- Case Report
- Open Access
Adrenocortical carcinosarcoma: a case report and review of the literature
© Sasaki et al; licensee BioMed Central Ltd. 2010
Received: 6 May 2010
Accepted: 5 August 2010
Published: 5 August 2010
Adrenocortical carcinosarcoma is an extremely rare and aggressive variant of adrenocortical carcinoma characterized by the presence of both carcinomatous and sarcomatous components, with the latter often showing heterologous differentiation. Due to the rarity and unusual histology, it may pose a diagnostic challenge. In order to increase awareness and identify potential diagnostic pitfalls, we report the ninth case of non-functioning adrenocortical carcinosarcoma in a 45-year-old man who presented with worsening epigastric pain and a left large retroperitoneal mass in close proximity to the body/tail of pancreas and third portion of the duodenum with displacement of the kidney without parenchymal invasion and multiple liver nodules detected by computed tomographic scan. On en bloc resection, the tumor grossly did not involve the pancreas, kidney or colon. Histologically, the tumor was composed of two distinct components - an epithelioid component with granular cytoplasm that stained for synaptophysin, Melan-A, calretinin, and vimentin compatible with adrenocortical differentiation, and a pleomorphic to spindled component that was positive for desmin and myogenin, compatible with rhabdomyosarcomatous differentiation. A wedge biopsy of a liver nodule showed morphologic features similar to the epithelial component of the primary tumor. The patient died three months after surgery due to locoregional and distant recurrence. Adrenocortical carcinosarcoma is a rare malignancy that adds to the differential diagnostic considerations for a retroperitoneal epithelioid malignancy. Awareness of this as a possibility will help in distinguishing this tumor from other carcinomas, melanomas, and true sarcomas.
Adrenocortical carcinoma is a rare but highly aggressive malignancy with an estimated annual incidence of between 1.5 to 2 per million population . Women are more commonly affected. There is a bimodal age distribution with cases a peak occurring before age 5 years and a second in the fourth to fifth decades . The prognosis is poor with a significant proportion (21% to 39%) of patient having distant metastasis at the time of presentation [2, 3] and a 5 year overall survival ranges between 38% to 60% . Even after an apparently curative resection, the majority of patients develop early tumor recurrence or distant metastasis [1–3].
Carcinosarcomas are defined as malignant neoplasms showing both epithelial and mesenchymal differentiation with heterologous features including rhabdomyoblastic, chondroid, or osteogenic differentiation . We report a case of primary adrenal carcinosarcoma and review the literature to raise awareness of this extremely rare variant of adrenal carcinoma with worse prognosis presenting high differential diagnosis difficulties.
An en-bloc resection of the mass which included a left radical nephrectomy, splenectomy, distal pancreatectomy, left partial colectomy, and wedge biopsy of one of the hepatic lesions were performed. However, despite this, at 3 months, the patient had a locoregional recurrence and progression of liver disease. Due to his poor performance status (Eastern Cooperative Oncology Group performance status 3), no chemotherapy was performed. The patient died 3 months after the surgery. Autopsy was not performed.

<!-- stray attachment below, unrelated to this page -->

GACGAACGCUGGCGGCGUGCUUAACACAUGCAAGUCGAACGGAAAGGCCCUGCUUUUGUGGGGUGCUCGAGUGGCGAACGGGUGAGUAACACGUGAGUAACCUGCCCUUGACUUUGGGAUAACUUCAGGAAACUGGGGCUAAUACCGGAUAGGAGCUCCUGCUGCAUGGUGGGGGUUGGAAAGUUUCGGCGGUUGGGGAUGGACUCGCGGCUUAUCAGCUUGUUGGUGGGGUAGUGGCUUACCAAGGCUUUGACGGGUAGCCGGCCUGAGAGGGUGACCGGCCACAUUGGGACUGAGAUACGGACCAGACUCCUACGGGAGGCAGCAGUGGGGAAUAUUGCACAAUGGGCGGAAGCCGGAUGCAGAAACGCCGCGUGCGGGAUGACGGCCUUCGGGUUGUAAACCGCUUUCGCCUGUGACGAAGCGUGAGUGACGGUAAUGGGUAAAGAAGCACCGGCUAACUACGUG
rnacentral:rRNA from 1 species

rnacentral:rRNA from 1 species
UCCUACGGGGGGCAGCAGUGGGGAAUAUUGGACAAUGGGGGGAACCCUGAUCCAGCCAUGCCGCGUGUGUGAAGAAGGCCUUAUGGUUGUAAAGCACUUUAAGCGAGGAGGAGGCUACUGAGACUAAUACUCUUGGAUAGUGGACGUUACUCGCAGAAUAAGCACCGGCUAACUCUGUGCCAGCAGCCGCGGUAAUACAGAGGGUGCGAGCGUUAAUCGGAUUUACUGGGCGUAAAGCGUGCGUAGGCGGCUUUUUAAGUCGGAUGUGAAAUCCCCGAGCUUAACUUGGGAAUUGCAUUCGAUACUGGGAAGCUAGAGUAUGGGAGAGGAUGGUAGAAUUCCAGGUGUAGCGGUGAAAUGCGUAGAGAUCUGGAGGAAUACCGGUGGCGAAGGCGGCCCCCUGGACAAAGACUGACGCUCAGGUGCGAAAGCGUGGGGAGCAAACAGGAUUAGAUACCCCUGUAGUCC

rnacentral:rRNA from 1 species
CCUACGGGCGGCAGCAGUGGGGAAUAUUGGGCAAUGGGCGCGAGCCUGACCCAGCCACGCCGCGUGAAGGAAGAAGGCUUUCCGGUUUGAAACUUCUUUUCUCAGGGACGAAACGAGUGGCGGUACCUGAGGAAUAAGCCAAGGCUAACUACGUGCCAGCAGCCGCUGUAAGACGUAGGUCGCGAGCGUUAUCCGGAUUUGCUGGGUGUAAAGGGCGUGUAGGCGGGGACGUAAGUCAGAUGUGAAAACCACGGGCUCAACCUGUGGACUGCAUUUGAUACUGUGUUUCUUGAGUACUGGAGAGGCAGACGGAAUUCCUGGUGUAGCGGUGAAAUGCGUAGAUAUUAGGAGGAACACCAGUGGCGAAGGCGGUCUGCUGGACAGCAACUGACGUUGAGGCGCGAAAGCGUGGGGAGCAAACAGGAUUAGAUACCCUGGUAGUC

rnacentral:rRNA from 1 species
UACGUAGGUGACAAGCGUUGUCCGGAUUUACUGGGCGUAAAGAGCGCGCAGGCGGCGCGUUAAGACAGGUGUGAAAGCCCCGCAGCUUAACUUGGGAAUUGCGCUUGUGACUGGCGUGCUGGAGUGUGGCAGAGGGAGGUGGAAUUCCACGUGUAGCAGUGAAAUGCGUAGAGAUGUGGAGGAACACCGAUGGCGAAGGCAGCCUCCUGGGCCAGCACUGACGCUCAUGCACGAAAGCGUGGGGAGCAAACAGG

Histologically as well, there was no involvement of the pancreas, kidney, or colon, and the surrounding adipose tissue was unremarkable. The liver wedge biopsy showed a tumor nodule morphologically identical to the epithelioid component of the retroperitoneal tumor.
Adrenocortical carcinosarcoma immunohistochemical profile
Based on the histologic and immunohistochemical profile, the tumor was diagnosed as an adrenocortical carcinosarcoma.
Adrenocortical carcinoma containing a component of sarcoma or sarcoma-like (spindle cell) differentiation is extremely rare, with only 8 prior cases described [5–12]. According to WHO classification 2004 in other epithelial malignant neoplasms, these tumors are classified as sarcomatoid carcinoma. Within the broad category of sarcomatoid carcinoma, tumors with histological areas of both carcinoma and sarcoma containing differentiated sarcomatous elements, such as malignant cartilage, bone or skeletal muscle are subclassified as carcinosarcoma. To our knowledge, only 3 prior cases of carcinosarcoma have been reported [7–9].
Clinicopathologic features of adrenocortical sarcomatoid carcinoma
Size (cm) weight (g)
postoperative time of death
Okazumi et al. (1987)
Collina et al. (1989)
Decorato et al. (1990)
Fischer et al. (1992)
Virilization, weight loss
12.5 cm, 610 g
Barksdale et al. (1993)
Lee et al. (1997)
Sturm et al. (2008)
Coli et al.
Radiographically and even grossly, it is often difficult to confirm adrenal origin for these tumors due to the advanced presentation. Indeed, in two of 9 cases of sarcomatoid carcinoma, imaging studies could not correctly locate the adrenal origin of tumor. As such, the differential diagnostic considerations include other aggressive retroperitoneal malignancies including other carcinomas, particularly renal cell carcinoma, true sarcoma, large cell lymphoma, and metastases. Although some adrenocortical neoplasms produce steroid hormones, others are non-functional, which makes it difficult to identify specific adrenocortical tumor markers. In our case, hormone levels were unremarkable. Here, a thorough clinical history and precise characterization of structures involved may be useful in narrowing possibilities. In our case for instance, the pancreas, and kidney on thorough examination were grossly uninvolved arguing against these as primary sites of origin. There was no lymphadenopathy arguing against lymphoma, and there was no history of a prior malignancy or any other masses arguing against a metastasis.